A car accident happens in an instant. However, the effects of a car accident can be long-lasting. In fact, being a crash victim may impact you in the future in ways you might not expect.
The Florida car accident lawyers at Maderal Byrne & Furst PLLC explain the long-term effects of a car accident.
10 Long-Term Effects of a Car Accident
Mental and emotional anguish
A car accident can be mentally and emotionally damaging. A victim may suffer from a range of mental injuries, including anxiety, PTSD, irritability, depression, and flashbacks. They may be nervous about being in a vehicle or driving.
Anxiety may be common in all parts of life and not just specifically related to motor vehicles. A victim may not even realize that their emotional trauma is related to the car accident. They may simply notice changes in their mental health.
Lost career potential
In the short term, a car accident interferes with a person’s ability to work and earn an income. Long term, a person’s entire career may be impacted.
Physical and mental injuries may influence a person’s career path. The result may be a lowered earning potential that negatively impacts income for many years in the future.
Future medical bills
When injuries are severe, medical bills are rarely fully resolved by the end of a car accident claim. A victim may have physical injuries that last for a lifetime. Future medical bills can be costly, but therapies and new technology can improve a person’s quality of life. In addition, the victim may need nursing and personal care in the years to come.
Physical limitations and disfigurement
Lasting physical injuries may mean physical limitations. A person may have limitations in major life activities like walking and daily living tasks. Visible disfigurement may include scars and posture changes. These limitations may continue to improve, or they may be permanent.
Car accident victims often live with chronic pain. Chronic pain can occur for several reasons, like inflammation, nerve damage, and soft tissue damage. Living with daily pain can create discomfort and stress. In turn, it can limit the quality of life.
Treating chronic pain can be challenging. A victim may need surgery or medication. Chronic pain can come with long-term financial and personal costs following a car accident.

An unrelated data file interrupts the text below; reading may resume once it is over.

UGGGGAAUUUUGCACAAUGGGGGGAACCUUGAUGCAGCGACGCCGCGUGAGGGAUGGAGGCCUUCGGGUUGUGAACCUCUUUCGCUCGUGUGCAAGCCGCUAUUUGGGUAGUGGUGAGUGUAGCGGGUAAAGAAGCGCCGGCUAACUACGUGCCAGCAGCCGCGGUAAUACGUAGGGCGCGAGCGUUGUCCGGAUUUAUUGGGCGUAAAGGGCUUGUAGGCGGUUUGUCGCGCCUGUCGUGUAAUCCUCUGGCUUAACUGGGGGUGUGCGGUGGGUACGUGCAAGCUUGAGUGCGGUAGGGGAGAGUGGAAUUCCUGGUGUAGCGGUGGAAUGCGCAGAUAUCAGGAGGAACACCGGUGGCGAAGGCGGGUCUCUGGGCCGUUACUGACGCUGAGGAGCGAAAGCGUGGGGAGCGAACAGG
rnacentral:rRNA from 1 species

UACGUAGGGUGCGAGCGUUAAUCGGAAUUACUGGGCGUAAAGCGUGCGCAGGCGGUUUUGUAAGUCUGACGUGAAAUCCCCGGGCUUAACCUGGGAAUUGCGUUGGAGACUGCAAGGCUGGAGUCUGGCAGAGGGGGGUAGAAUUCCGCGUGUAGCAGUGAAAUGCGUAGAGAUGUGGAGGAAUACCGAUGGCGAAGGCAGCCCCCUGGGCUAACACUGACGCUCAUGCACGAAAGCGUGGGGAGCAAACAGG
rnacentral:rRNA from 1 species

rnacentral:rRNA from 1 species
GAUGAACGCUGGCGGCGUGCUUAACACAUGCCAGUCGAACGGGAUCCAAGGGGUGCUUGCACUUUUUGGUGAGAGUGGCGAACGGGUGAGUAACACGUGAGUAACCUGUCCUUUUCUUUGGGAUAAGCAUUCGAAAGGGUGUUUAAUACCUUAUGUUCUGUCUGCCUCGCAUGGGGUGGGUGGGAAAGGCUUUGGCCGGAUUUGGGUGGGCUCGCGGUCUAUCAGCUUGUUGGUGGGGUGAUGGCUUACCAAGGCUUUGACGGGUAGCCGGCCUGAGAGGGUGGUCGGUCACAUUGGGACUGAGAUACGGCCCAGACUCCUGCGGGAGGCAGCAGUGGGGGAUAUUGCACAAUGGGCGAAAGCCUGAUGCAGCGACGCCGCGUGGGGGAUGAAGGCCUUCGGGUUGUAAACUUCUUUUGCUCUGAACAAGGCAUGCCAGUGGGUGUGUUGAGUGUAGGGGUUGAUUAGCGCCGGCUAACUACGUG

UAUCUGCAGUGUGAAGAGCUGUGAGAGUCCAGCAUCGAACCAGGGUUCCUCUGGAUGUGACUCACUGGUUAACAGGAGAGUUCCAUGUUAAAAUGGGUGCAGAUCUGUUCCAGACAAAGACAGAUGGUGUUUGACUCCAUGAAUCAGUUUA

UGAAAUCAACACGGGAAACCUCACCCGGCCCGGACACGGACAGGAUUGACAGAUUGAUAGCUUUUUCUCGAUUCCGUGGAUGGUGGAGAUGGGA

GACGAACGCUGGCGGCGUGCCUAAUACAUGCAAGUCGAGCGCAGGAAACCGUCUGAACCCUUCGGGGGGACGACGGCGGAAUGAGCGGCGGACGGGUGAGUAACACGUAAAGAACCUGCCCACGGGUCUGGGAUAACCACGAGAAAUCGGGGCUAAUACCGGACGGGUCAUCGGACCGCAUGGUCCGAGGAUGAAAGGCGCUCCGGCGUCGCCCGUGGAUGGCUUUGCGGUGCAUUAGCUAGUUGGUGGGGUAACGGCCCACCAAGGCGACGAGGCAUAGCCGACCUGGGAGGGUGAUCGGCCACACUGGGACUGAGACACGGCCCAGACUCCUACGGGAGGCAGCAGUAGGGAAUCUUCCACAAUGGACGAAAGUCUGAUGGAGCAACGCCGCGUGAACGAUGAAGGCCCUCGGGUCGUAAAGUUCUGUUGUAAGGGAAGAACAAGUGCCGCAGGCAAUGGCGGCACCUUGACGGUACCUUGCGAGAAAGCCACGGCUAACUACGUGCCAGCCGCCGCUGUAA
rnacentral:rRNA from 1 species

Lowered life expectancy
Certain injuries may lower life expectancy. For example, a moderate or severe traumatic brain injury can reduce someone’s life expectancy by up to nine years. Certain injuries increase the risk of death from infection, pneumonia, or a fall.
The mental health injuries that may result from a car accident may create risk factors like poor sleep, weight management, depression, social isolation, or substance abuse.
Diminished vehicle value
Even when a vehicle is repaired, it loses some value just because it was in an accident. The loss of value from being in a car accident is the inherent diminished vehicle value. It is a loss of market value. A vehicle that has been in a crash doesn’t have the same resale value as a vehicle with a history that is accident free.
Damage to lifestyle
Car accidents change lives. A person who has car accident injuries may have long-term damage to their lifestyle. Many years or even decades later, a victim may experience lingering effects. They may not be able to walk as well as they would have without their injuries. They may not be able to go jogging or ride a bike. They may have retired early, whereas they would not have if they hadn’t been in an accident.
Damage to lifestyle can be physical as well as mental. In whatever way a person’s lifestyle is damaged, it can be a long-term impact of a car accident.
Changes to family dynamics
A car accident changes the victim’s life and, in turn, can change the life of an entire family. A person who used to provide care for family members may suddenly be the one needing care. Someone who relied on a parent for guidance and financial support may no longer receive these things. A car accident can impact the entire dynamic of the family. These changes may be long-term following a car accident.
A car accident victim may sadly suffer additional trauma in their life. Following the car accident, they may have pre-existing conditions if secondary trauma occurs. Additional trauma may be more serious than it might have been because the body is injured and vulnerable.
If a victim seeks compensation in a later case, they may find themselves defending against allegations of pre-existing conditions from the car accident.
FAQs About the Effects of Car Accidents
Will my car insurance go up after an accident?
According to Florida law § 626.9541, your car insurance rates should not go up after an accident unless you were substantially at fault for the accident.
Can the long-term effects of a car accident be a part of a claim for compensation?
To the extent that they can be reasonably determined, long-term effects of a car accident can be part of a claim for compensation. You must identify the future impact, determine the appropriate amount reduced to present value and include the amount in your claim for compensation.
What do I need to know about the long-term effects of a car accident?
When you have a car accident claim, you should know that it’s very hard to reopen a closed claim. Even if you have long-term damages or the situation changes in the future, your car accident settlement is usually final. It’s important to ensure that your settlement reflects all the damages you may be entitled to now and in the future.
Contact Our Florida Lawyers About Your Car Accident Case
The long-term effects of a car accident can be far-reaching. That’s why it’s critical to work with an experienced car accident lawyer. At Maderal Byrne & Furst, we ensure that your car accident claim addresses current and future damages. Contact us today for a review of your case.